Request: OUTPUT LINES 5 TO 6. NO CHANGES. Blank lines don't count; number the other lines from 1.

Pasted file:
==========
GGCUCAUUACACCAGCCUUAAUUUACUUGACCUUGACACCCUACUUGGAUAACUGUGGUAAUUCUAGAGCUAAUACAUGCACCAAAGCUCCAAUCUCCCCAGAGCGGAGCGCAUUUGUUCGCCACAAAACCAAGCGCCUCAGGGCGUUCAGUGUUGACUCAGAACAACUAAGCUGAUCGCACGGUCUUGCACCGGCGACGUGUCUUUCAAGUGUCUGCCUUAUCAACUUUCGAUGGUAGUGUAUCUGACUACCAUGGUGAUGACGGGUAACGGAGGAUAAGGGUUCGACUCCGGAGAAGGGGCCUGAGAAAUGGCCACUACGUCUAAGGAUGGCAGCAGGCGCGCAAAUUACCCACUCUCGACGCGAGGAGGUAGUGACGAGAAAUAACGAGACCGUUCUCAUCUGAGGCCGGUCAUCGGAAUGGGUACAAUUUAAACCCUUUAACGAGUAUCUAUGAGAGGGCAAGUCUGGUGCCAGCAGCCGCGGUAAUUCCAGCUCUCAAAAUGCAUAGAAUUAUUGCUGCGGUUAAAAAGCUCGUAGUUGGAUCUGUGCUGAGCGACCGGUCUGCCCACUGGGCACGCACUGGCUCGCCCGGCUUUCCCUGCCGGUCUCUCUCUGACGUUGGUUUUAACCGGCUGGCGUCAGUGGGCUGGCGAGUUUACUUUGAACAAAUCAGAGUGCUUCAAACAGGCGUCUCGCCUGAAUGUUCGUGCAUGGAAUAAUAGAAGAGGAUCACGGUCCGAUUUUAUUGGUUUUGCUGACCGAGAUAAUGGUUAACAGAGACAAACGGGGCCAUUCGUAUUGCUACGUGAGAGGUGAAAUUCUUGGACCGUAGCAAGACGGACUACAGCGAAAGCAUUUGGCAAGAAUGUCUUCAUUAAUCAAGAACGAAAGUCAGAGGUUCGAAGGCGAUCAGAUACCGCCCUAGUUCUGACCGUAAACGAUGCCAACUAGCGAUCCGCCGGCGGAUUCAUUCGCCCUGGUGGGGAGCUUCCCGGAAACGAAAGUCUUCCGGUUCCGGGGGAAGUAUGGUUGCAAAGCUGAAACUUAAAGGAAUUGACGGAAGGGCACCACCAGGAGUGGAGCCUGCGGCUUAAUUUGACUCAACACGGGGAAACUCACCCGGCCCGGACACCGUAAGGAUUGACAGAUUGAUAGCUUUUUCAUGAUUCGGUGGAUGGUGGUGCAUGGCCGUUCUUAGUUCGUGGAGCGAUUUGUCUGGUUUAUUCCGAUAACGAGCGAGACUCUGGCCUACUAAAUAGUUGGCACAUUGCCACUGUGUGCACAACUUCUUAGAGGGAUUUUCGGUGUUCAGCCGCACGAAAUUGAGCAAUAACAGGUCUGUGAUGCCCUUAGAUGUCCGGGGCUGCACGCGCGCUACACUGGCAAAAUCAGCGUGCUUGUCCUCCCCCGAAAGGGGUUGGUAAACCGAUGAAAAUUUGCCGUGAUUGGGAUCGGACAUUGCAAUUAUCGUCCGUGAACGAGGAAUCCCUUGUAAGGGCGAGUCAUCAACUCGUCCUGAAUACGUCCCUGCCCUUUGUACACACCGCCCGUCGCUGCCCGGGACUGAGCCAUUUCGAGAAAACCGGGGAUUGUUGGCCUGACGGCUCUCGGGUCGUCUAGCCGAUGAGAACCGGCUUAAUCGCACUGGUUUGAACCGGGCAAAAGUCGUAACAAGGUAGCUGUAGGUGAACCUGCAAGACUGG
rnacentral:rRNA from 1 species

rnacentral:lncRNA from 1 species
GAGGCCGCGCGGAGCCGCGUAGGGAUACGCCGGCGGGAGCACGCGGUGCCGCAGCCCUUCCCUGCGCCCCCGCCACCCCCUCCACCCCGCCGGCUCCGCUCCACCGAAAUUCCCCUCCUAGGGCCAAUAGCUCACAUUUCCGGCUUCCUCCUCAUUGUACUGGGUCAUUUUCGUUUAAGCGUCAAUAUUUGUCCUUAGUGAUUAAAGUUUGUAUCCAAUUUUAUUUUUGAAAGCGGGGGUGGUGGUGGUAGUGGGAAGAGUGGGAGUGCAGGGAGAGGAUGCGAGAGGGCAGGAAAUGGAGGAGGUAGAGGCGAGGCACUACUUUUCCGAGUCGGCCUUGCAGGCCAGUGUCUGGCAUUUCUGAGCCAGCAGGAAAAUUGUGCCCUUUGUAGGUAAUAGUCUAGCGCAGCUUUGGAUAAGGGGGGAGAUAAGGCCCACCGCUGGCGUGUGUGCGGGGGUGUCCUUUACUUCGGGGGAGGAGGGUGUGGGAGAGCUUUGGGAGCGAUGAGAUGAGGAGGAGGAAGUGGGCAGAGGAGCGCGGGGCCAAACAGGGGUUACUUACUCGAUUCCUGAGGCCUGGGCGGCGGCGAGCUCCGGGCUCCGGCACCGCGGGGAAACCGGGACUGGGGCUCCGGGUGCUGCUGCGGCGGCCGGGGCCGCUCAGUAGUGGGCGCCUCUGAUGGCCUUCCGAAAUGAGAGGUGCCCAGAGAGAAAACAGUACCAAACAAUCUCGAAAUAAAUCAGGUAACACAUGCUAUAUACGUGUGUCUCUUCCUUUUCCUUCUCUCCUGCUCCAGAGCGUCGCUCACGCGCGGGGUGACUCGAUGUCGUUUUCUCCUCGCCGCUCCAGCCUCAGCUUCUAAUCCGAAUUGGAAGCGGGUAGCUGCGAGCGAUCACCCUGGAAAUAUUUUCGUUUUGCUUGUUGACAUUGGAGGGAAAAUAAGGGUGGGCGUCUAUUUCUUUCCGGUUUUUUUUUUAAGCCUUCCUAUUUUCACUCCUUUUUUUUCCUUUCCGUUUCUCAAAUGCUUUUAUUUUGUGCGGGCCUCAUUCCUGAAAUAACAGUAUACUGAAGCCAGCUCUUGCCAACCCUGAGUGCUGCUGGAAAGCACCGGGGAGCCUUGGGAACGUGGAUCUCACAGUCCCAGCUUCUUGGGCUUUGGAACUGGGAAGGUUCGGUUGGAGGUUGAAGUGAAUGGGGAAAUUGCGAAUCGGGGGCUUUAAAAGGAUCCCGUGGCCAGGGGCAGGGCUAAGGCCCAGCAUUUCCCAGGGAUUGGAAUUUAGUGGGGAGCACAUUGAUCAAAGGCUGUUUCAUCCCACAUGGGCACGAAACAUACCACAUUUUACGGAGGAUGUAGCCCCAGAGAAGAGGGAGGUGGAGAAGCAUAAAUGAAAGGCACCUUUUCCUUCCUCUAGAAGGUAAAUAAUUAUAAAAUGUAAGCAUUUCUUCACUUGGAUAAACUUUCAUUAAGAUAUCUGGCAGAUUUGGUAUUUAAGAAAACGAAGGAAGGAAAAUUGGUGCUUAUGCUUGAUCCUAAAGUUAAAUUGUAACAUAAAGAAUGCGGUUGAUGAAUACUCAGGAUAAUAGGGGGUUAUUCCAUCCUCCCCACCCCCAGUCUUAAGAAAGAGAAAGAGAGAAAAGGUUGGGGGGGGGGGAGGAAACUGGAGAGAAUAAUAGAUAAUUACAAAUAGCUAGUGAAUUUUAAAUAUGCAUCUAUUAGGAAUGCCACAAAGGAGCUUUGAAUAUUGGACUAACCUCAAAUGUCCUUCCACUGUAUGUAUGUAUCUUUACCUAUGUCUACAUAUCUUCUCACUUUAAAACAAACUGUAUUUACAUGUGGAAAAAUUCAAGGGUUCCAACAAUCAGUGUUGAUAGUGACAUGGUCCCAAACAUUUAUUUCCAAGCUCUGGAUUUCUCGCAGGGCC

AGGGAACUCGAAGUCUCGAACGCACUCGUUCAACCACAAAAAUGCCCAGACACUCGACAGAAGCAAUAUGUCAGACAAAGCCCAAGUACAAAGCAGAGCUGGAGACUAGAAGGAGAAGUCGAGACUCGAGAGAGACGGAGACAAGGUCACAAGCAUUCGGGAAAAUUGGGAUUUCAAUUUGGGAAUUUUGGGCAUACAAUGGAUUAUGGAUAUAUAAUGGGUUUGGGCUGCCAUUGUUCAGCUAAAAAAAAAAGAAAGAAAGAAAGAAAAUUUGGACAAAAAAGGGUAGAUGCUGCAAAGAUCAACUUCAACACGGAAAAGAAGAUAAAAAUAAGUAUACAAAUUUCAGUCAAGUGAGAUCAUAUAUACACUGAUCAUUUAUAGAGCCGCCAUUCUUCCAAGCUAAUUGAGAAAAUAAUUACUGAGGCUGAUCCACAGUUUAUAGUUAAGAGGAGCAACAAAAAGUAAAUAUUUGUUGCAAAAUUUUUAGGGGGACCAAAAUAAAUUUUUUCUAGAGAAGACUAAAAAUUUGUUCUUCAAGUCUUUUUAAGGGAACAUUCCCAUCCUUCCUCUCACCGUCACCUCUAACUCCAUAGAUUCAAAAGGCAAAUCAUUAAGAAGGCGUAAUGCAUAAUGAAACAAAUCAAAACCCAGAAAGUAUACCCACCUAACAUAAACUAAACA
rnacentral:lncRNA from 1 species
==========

AGGGAACUCGAAGUCUCGAACGCACUCGUUCAACCACAAAAAUGCCCAGACACUCGACAGAAGCAAUAUGUCAGACAAAGCCCAAGUACAAAGCAGAGCUGGAGACUAGAAGGAGAAGUCGAGACUCGAGAGAGACGGAGACAAGGUCACAAGCAUUCGGGAAAAUUGGGAUUUCAAUUUGGGAAUUUUGGGCAUACAAUGGAUUAUGGAUAUAUAAUGGGUUUGGGCUGCCAUUGUUCAGCUAAAAAAAAAAGAAAGAAAGAAAGAAAAUUUGGACAAAAAAGGGUAGAUGCUGCAAAGAUCAACUUCAACACGGAAAAGAAGAUAAAAAUAAGUAUACAAAUUUCAGUCAAGUGAGAUCAUAUAUACACUGAUCAUUUAUAGAGCCGCCAUUCUUCCAAGCUAAUUGAGAAAAUAAUUACUGAGGCUGAUCCACAGUUUAUAGUUAAGAGGAGCAACAAAAAGUAAAUAUUUGUUGCAAAAUUUUUAGGGGGACCAAAAUAAAUUUUUUCUAGAGAAGACUAAAAAUUUGUUCUUCAAGUCUUUUUAAGGGAACAUUCCCAUCCUUCCUCUCACCGUCACCUCUAACUCCAUAGAUUCAAAAGGCAAAUCAUUAAGAAGGCGUAAUGCAUAAUGAAACAAAUCAAAACCCAGAAAGUAUACCCACCUAACAUAAACUAAACA
rnacentral:lncRNA from 1 species